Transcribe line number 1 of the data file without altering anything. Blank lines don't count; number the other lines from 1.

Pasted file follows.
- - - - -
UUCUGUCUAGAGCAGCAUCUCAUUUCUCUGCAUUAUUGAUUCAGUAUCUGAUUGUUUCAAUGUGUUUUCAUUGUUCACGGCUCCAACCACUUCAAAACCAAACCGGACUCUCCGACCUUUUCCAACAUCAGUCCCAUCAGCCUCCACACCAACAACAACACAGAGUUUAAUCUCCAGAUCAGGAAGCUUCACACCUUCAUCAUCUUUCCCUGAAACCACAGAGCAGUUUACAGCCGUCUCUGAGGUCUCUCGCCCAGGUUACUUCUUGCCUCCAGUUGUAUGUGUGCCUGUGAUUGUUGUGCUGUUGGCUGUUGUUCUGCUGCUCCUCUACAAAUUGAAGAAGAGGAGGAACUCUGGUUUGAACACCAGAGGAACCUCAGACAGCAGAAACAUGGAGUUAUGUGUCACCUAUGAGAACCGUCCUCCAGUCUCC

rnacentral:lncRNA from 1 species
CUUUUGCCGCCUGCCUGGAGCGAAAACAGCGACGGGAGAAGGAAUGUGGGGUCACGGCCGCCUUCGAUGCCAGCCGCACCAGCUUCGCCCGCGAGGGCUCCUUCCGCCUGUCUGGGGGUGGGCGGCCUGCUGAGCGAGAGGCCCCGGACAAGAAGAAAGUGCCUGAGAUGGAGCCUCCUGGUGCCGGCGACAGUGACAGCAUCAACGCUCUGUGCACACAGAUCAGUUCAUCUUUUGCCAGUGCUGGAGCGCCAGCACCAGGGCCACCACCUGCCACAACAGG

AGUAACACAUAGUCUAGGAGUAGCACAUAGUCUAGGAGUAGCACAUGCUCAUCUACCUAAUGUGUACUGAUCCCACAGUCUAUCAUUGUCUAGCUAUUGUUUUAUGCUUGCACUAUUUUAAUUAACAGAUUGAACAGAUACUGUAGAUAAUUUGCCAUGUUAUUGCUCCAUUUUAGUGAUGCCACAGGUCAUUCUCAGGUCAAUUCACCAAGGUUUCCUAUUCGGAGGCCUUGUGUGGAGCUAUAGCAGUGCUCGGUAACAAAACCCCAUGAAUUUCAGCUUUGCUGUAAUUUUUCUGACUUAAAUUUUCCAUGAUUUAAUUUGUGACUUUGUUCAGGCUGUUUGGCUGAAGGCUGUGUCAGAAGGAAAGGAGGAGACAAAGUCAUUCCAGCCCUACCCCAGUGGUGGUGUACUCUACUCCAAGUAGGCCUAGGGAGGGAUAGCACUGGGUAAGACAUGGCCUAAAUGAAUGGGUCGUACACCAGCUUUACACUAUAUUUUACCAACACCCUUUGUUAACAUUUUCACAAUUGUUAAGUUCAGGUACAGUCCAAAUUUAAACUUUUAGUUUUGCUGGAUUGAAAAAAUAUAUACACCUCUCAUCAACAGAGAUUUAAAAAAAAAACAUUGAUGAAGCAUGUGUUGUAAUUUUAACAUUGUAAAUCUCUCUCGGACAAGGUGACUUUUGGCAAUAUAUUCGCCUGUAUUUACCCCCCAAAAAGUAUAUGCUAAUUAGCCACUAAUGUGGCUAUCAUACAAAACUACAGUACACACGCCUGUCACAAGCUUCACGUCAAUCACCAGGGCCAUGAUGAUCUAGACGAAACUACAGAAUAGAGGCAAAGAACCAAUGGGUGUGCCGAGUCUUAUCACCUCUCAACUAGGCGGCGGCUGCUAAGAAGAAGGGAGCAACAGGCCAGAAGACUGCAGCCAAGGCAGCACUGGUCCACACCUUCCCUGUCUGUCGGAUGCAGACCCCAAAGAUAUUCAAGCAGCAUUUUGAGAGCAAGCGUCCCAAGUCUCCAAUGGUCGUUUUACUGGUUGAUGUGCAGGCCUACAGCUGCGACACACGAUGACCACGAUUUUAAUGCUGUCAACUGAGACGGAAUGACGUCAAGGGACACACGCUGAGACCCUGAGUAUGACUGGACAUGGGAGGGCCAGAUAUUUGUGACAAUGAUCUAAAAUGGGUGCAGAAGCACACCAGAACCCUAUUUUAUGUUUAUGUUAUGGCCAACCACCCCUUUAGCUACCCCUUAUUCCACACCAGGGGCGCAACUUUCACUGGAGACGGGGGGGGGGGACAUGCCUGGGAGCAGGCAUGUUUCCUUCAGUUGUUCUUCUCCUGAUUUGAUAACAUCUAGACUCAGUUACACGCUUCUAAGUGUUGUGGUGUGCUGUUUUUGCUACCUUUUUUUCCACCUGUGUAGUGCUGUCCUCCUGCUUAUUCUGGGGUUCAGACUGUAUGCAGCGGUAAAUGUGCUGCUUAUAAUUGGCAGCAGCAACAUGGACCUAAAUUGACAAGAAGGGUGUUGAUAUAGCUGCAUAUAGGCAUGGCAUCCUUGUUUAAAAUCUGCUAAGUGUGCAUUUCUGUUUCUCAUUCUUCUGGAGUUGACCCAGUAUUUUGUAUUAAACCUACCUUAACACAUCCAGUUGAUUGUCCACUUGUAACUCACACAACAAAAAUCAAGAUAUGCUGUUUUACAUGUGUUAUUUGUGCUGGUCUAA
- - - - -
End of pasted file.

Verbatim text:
UUCUGUCUAGAGCAGCAUCUCAUUUCUCUGCAUUAUUGAUUCAGUAUCUGAUUGUUUCAAUGUGUUUUCAUUGUUCACGGCUCCAACCACUUCAAAACCAAACCGGACUCUCCGACCUUUUCCAACAUCAGUCCCAUCAGCCUCCACACCAACAACAACACAGAGUUUAAUCUCCAGAUCAGGAAGCUUCACACCUUCAUCAUCUUUCCCUGAAACCACAGAGCAGUUUACAGCCGUCUCUGAGGUCUCUCGCCCAGGUUACUUCUUGCCUCCAGUUGUAUGUGUGCCUGUGAUUGUUGUGCUGUUGGCUGUUGUUCUGCUGCUCCUCUACAAAUUGAAGAAGAGGAGGAACUCUGGUUUGAACACCAGAGGAACCUCAGACAGCAGAAACAUGGAGUUAUGUGUCACCUAUGAGAACCGUCCUCCAGUCUCC